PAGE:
Of course your employment history and wonderful targeted achievements are important, but so too is your education and training section.
I’m reviewing CVs each day, either sent to me by new clients or enquirers or as part of a recruitment assignment. The training section is often weak.
As a recent graduate I’m interested in your degree, but as we get older much less emphasis is placed on this. What’s more important is how you keep your skills and knowledge up to date. We can’t sit back and assume that because we did a professional qualification e.g. 10 years ago that will be sufficient.
Many of us are knowledge workers and our knowledge needs keeping up to date – you can’t think of yourself as a marketing professional without knowing about social media and the impact on your profession or work in accountancy without knowing about new legislation.
That’s why I spend a substantial amount of my time and money on courses, conferences and reading.
When I see on someone’s CV that their last course attendance was several years ago I ask for more up to date examples to include, and many times I’m told their employer doesn’t see the value of professional development. They then go silent.
And they see this as a ‘good enough’ answer.
But it’s not!
You are responsible for your career
Whether we are interested in developing our career, or not, we still need to take responsibility for our career development.
We may be happy in our job, and not be planning to move on.
We never know when we may need to get another job, and spending time on professional development should help make us a preferred candidate. Sometimes a new manager will want to bring in their own people or look down on us if all we do is our job and don’t look broader than that.
We never know when we may have to compete against those who are more recently qualified.
And sometimes we have had enough and want to do something new, so undertaking some study can contribute to making the move.
Don’t blame your employer for your lack of professional development
Yes, it’s nice if your employer will pay for you to attend a training course or go to a conference but if not you need to take responsibility yourself. You could
- Find and pay to go to a conference.
- Study for a professional qualification part time.
- Do relevant reading of journals and online articles.
- Take an active involvement in one or more LinkedIn groups.
There are so many ways to develop yourself:
- I love TED talks – http://www.ted.com/
- Find courses through the Open University – http://www.open.edu/openlearn/about-openlearn/try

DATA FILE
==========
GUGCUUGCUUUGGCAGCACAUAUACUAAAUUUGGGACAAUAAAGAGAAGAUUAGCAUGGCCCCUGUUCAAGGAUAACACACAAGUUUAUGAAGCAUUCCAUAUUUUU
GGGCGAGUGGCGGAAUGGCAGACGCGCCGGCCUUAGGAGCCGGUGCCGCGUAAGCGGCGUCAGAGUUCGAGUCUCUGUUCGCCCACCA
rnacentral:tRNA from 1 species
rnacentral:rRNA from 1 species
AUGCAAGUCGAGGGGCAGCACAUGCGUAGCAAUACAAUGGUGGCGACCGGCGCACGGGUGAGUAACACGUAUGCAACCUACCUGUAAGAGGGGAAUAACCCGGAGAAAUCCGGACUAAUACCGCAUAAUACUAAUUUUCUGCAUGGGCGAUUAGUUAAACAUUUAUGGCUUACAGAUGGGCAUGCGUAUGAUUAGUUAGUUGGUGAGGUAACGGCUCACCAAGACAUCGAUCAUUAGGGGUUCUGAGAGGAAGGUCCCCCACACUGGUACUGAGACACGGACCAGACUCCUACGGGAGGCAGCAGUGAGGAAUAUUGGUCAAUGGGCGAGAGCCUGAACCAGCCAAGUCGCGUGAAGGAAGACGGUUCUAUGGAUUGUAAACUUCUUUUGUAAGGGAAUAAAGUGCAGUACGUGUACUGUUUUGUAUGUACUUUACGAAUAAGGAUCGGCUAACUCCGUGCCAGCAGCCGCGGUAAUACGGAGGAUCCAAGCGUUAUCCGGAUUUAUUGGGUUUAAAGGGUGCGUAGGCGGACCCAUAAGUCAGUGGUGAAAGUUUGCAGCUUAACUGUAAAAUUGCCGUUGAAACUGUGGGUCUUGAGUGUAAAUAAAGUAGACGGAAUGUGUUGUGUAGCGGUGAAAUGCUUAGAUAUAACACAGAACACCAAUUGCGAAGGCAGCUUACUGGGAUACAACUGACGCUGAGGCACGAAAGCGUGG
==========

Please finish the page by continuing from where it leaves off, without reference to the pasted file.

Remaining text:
- Find courses via EdX – https://www.edx.org/course-list
- You may find a course through Udemy – https://www.udemy.com/courses/
- And there are so many MOOCs available through this link – http://www.mooc-list.com/
- Grovo is a good way of learning professional skills via video, you complete an online short questionnaire and it suggests courses to complete http://www.grovo.com/
You can also read the materials supplied by your organisation. Lucy was disappointed with her performance review marking, she was marked down on knowledge of the organisation. We spoke about this in our coaching session and there is a mass of internal communication. Lucy has carefully printed and put it in a folder – to read one day but had never got around to reading. She’s now going to spend at least 1 hour a week on reviewing this type of material. She’s also going to get more involved in cross functional teams.
Before you get carried away … think about what you want to spend your valuable time, and possibly money on.
Do you want to remain a valuable employee, want to get ready for a promotion or similar job elsewhere or start preparing to move to something new?
Here’s some examples from clients and how they are now developing themselves. They had all booked a Career MOT with me to review their career, and check if anything needed attention. Let me know if you too would like a 90 minute career MOT session.
Clients have different reasons for undertaking development
- It could be for interest – that’s why Laura is taking history and photography courses. This is less about development for her job and more about keeping her brain alive.
- Adam wants to progress in finance so for him taking professional qualifications are needed. He’s qualified enough for his current role but needs to study further if he wants to progress. So he’s investing his own money and time in taking the CIMA qualification. It will help when later he seeks a job elsewhere, and there may still be a possibility in his own company. We’ve spoken about once he passes his first exam to talk to his boss and his boss’s boss about what he’s learnt, how it can help in his job and the benefits to the organisation in sponsoring him. It might happen.
- Carla has outgrown her job and is looking for a new challenge, she’s well qualified in her discipline but now wants to widen into a new area. A look at her CV shows that all her experience and qualifications relate to the hotel and catering industry. She’s had a senior role but never got specific business training, never considered an MBA or shorter business course. Either would have helped her to get the job she wants.
- Too late Phil realised he should have studied for a marketing qualification. He’d progressed in his organisation based on experience but now he’s made redundant he’s having to compete with much younger, and better qualified candidates.
3 months till Christmas, how will you develop yourself?
Let me know what you plan to do through a comment on this blog page.
Brought to you by Denise Taylor, career coach and chartered psychologist with Amazing People. Denise is regularly featured as an expert in the press and is the author of 7 books including ‘How To Get A Job In A Recession’